The Nationals’ offense overall has been an albatross — if not for the Marlins, they would rank last in the National League in runs per game (3.66), on-base percentage (.299) and on-base-plus-slugging percentage (.682). Almost every regular player in the lineup has stepped back from last year or produced below his career norm. Steady contributors like Zimmerman (who has his lowest OPS since 2008) and Ian Desmond (whose OPS is down from .845 to .791) may not be disappointments, but their collective regression has chipped away at high expectations.
The Nationals fundamentally changed their offense, moving away from a reliance on thunder in the middle of the lineup when they swapped out Michael Morse for a prototypical leadoff hitter in Span. “The loss of Morse is greater than they will admit,” one NL scout said.
But the greatest lack of production has come from their left-handed hitters. Manager Davey Johnson has frequently pointed to his lefty regulars as primary culprits in the flagging offense. Adam LaRoche and Span, Rizzo’s key offseason re-signing and biggest trade acquisition, have been replacement-level hitters.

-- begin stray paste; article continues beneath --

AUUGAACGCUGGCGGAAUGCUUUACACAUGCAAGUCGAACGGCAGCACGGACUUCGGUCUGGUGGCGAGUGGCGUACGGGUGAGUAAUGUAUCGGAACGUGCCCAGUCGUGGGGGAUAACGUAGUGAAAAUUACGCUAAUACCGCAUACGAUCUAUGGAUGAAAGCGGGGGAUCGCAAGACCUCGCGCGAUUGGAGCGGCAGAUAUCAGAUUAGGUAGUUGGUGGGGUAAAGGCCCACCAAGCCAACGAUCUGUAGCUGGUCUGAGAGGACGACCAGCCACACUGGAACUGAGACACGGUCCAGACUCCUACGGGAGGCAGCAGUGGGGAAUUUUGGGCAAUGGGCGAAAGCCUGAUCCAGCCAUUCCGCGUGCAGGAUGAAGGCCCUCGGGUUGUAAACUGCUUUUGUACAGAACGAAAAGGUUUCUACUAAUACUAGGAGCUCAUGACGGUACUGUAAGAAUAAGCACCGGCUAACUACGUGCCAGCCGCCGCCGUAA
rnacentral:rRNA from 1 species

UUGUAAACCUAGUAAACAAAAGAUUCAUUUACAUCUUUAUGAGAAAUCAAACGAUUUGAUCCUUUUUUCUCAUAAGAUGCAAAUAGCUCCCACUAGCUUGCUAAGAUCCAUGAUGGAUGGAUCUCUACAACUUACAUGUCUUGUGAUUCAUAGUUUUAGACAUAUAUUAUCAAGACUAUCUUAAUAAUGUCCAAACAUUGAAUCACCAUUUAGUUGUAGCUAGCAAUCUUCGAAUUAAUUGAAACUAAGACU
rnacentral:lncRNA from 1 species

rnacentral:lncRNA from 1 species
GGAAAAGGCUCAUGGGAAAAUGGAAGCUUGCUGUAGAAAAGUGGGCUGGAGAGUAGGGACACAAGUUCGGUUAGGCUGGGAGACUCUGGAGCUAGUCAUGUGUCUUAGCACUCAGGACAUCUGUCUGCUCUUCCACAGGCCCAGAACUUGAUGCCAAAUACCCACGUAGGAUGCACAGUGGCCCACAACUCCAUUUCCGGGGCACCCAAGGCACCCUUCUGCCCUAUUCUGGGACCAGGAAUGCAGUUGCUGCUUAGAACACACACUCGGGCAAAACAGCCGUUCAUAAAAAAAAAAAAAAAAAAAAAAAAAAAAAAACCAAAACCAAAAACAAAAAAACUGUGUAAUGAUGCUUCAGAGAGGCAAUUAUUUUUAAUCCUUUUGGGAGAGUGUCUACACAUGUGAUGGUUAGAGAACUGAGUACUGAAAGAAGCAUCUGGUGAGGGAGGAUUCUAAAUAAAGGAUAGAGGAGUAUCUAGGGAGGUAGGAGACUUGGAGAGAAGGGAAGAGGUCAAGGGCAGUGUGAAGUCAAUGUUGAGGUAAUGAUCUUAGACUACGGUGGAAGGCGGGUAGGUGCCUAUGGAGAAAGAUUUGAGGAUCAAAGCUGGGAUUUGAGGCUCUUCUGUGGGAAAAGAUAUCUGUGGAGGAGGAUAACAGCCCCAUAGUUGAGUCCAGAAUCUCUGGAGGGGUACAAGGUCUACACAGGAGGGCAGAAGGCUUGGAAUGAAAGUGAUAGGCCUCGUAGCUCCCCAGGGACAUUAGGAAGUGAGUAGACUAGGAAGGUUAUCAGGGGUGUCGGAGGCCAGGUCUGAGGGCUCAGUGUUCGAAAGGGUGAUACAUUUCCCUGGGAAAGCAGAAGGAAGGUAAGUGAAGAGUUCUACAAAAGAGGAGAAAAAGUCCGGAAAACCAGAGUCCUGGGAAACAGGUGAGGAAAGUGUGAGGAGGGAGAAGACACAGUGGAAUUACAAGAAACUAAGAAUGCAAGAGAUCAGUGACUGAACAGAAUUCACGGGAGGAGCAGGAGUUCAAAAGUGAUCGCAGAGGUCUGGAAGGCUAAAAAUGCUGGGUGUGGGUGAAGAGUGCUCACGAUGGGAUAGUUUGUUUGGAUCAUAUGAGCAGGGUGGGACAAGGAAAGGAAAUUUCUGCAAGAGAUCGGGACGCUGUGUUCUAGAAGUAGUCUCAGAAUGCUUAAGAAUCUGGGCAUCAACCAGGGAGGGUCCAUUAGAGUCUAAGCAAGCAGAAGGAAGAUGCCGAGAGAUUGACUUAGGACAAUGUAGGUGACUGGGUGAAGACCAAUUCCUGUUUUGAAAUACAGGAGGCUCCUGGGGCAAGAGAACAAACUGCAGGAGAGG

Span has been dropped to seventh in the lineup in the middle of his worst offensive season, hitting .258 with a .314 on-base percentage and a .348 slugging percentage. Johnson pushed the Nationals hard to re-sign LaRoche in order to provide more left-handed balance. In the first year of his two-year, $25 million deal, LaRoche is hitting .240/.324/.418.
Bryce Harper could have alleviated the Nationals’ left-handed hitting woes, but since leaping into the outfield wall in Atlanta in late April, his production has flagged. He valiantly played through injury before he landed on the disabled list and has not recaptured his otherworldly start to the season. In 40 games since the crash into the wall, Harper has hit .219/.333/.380.
Collectively, Nationals left-handed batters have been abominable against left-handed pitchers, hitting .168/.235/.231 in 321 plate appearances. As a team, the Nationals have hit .211 against lefties, by far the worst in the majors.
The other offensive scourge has been the Nationals’ bench, which last year was one of the greatest strengths. Like last year, a rash of early injuries led to the Nationals leaning on their reserve players. Unlike last year, they have scuffled.
The Nationals’ seven most frequently used reserves — Steve Lombardozzi, Roger Bernadina, Tyler Moore, Chad Tracy, Jeff Kobernus, Chris Marrero and Scott Hairston — have taken 17.9 percent of the team’s non-pitcher plate appearances. In those 627 plate appearances, they have hit .196 with 36 extra-base hits, 30 walks and 141 strikeouts.
Aside from the trade for Hairston, who effectively replaced Moore, the Nationals’ bench has remained static all season. Rizzo has been steadfast in his belief the group will rise to its prior level, although he intimated Sunday he may try to upgrade. Either way, last year’s excellence from the bench can hardly be counted on.